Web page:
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What Are Prairie Onions: Information On Allium Stellatum Wildflowers

What Are Prairie Onions: Information On Allium Stellatum Wildflowers


By: Bonnie L. Grant, Certified Urban Agriculturist

Prairie onions are a member of the Allium family, which includes onions and garlic. The bulb-forming plants are native to the central part of the United States but have been introduced in many other areas. Wild prairie onions are edible and good used raw or cooked. Prairie onions in the garden add a natural grace, with their height and structure blending perfectly with cultivated plants and other native perennials.

What are Prairie Onions?

Wild prairie onions abound on dry inhospitable prairies and rocky slopes. What are prairie onions? Known as Allium stellatum wildflowers, prairie onions are 1 to 2 foot (30-60 cm.) tall perennial herbs that form edible bulbs. They produce a starry head of clustered florets culminating in a globe-like inflorescence.

Related to the Lily family, these plants are also called prairie onions due to their tenacious habit of growing on rocky hillsides. The foliage is insignificant and forms in early spring before the stalk begins to grow. Once the stalk rises, the leaves die back leaving a clean vertical green stem topped with the spectacular pink, white, or lavender flower.

Prairie Onions in the Garden

Wild prairie onions produce copious tiny black seeds once the flowers are done. These self-sow readily but the resulting seedlings take several years to form bulbs and bloom. Mature plants of Allium stellatum wildflowers form bulblets over time. These are offset bulbs that are generally vegetative.

The easiest way to add prairie onions to the landscape is through bulbs or division of existing plants. Bulbs need protection from hot sun and prefer partial shade and moist soil. Prairie onion care is minimal. The plants tend to naturalize when planted in preferred locations and the flowers will rise annually in mid to late spring.

Planting Wild Prairie Onions

Prepare the soil in an appropriate site by digging at least 6 inches (15 cm.) into the soil and tilling while adding generous amounts of leaf litter or compost. This will loosen the soil and increase the porosity so the bulbs don’t get soggy and rot. Add a handful of bone meal and work into the soil as well.

Plant the bulbs with the root side down, pointed side up. They need to be at least 4 inches (10 cm.) deep in the soil but not more than 8 inches (20 cm.). Cover with the amended soil and pat down gently.

The best time for planting is early spring, but in mild areas you can plant in fall.

Caring for Your Native Onions

The most important detail of prairie onion care is division. Because the seeds take such a long time to produce a flowering plant, the best way to ensure blooms is from divisions of the bulbs. Each division will become a new plant.

Additionally, good drainage and once a year fertilizer or bone meal in spring will get your wild prairie onion off to a good start for the blooming season.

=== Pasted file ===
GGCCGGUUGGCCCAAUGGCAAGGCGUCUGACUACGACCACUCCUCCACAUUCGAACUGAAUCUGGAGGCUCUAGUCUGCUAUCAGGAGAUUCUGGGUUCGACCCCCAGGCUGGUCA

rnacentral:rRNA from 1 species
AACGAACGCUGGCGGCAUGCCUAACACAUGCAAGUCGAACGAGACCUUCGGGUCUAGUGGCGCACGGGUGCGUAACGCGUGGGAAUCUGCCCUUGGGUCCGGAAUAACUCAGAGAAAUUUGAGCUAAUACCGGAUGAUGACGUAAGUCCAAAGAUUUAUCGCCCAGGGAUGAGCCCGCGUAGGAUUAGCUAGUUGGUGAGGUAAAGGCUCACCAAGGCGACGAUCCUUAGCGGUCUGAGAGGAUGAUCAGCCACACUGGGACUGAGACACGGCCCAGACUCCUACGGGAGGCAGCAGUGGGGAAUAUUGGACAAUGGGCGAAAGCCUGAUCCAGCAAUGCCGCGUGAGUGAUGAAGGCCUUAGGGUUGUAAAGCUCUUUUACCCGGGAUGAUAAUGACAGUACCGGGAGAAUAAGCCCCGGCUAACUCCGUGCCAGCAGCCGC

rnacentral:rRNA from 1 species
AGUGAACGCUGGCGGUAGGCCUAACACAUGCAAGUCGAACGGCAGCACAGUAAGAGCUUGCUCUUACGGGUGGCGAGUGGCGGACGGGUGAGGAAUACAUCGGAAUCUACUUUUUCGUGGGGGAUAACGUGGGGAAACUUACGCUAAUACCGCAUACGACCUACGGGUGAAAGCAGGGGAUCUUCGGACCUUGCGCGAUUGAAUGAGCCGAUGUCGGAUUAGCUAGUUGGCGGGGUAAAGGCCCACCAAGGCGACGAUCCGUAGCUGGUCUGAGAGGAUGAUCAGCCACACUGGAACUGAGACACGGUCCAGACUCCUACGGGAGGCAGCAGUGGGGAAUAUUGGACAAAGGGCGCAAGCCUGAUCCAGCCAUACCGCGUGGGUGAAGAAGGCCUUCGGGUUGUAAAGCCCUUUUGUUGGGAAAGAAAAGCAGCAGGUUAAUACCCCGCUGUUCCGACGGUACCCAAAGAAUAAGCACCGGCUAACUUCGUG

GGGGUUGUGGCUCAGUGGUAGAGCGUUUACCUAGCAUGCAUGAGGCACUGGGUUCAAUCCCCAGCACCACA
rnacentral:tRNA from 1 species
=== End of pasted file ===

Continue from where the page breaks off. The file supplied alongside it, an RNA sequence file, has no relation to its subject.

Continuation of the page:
Sample some of the new stems as a substitute for chives or pull out the bulblets for roasted onions. Wild prairie onions are an excellent replacement for any regular onion. Enjoy their sweet pungency and ease of care.

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Allium Species, Drummond's Onion, Prairie Onion

Category:

Water Requirements:

Average Water Needs Water regularly do not overwater

Sun Exposure:

Foliage:

This plant is resistant to deer

Foliage Color:

Height:

Spacing:

Hardiness:

USDA Zone 4a: to -34.4 °C (-30 °F)

USDA Zone 4b: to -31.6 °C (-25 °F)

USDA Zone 5a: to -28.8 °C (-20 °F)

USDA Zone 5b: to -26.1 °C (-15 °F)

USDA Zone 6a: to -23.3 °C (-10 °F)

USDA Zone 6b: to -20.5 °C (-5 °F)

USDA Zone 7a: to -17.7 °C (0 °F)

USDA Zone 7b: to -14.9 °C (5 °F)

USDA Zone 8a: to -12.2 °C (10 °F)

USDA Zone 8b: to -9.4 °C (15 °F)

USDA Zone 9a: to -6.6 °C (20 °F)

USDA Zone 9b: to -3.8 °C (25 °F)

USDA Zone 10a: to -1.1 °C (30 °F)

USDA Zone 10b: to 1.7 °C (35 °F)

Where to Grow:

Danger:

Bloom Color:

Bloom Characteristics:

Bloom Size:

Bloom Time:

Other details:

Soil pH requirements:

Patent Information:

Propagation Methods:

By dividing rhizomes, tubers, corms or bulbs (including offsets)

Seed Collecting:

Allow seedheads to dry on plants remove and collect seeds

Regional

This plant is said to grow outdoors in the following regions:

San Antonio, Texas(3 reports)

Gardeners' Notes:

On Jul 8, 2013, StillPlaysWDirt from (Becky), Lipan, TX (Zone 7b) wrote:

This plant grows wild on my property and has survived drought and being mowed over without any change in performance. Not very interesting of a plant compared to the things I've intentionally cultivated here, but it blooms with no attention whatsoever and is a cute little flower so I guess I'll keep it around. I collected a lot of seed from it for the first time this year and intend to scatter it around the yard in places that could use a little cheering up :)

On May 6, 2011, patkman from Blanco, TX wrote:

I don't grow wild garlic, but it occurs as a volunteer under my fig tree on the afternoon sun side, and has done so for many years. I water it about once a month if the weather is really dry. I have also ignored watering it and it does quite well on it's own.
I'm in downtown Blanco. I have also seen it growing wild in yards in Wimberley.

A question: How do I prepare it for table use?

On Apr 12, 2008, jojoringer from Joey in Conroe, TX (Zone 8b) wrote:

This plant grow along shady edges of my yard. Unfortunately one of these edges is where I decided to put perennial bed. It keeps popping up even through heavy mulch. It's not a terrible eyesore so I guess I will learn to coexist with it. It does make mowing the grass more fragrant.

On Apr 17, 2007, htop from San Antonio, TX (Zone 8b) wrote:

Wild Garlic, Drummond's Onion, Drummond Wild Onion, Prairie Onion (Allium drummondii) is the most widely distributed wild onion species in Texas growing natively in various soils and vegetative areas. The 3/4 inch wide blooms have tepals not petals, appear on a slender flower stem, are clustered in an umbel. They produce shiny black seeds. An asexual form produces tiny bulbets at the tips of the flower stalks. This species may be distinguished from Allium canadense by examining the underground bulbs. The outer covering of Allium drummondii bulbs are papery wheras, Allium canadense bulbs have a criss-cross fiber-type coating surrounding them. Both smell oniony and both types of bulbs are edible. Just do not confuse them with crow-poison, false garlic (Nothoscordum bivalve) which neither sm. read more ells like garlic nor onion and is poisonous.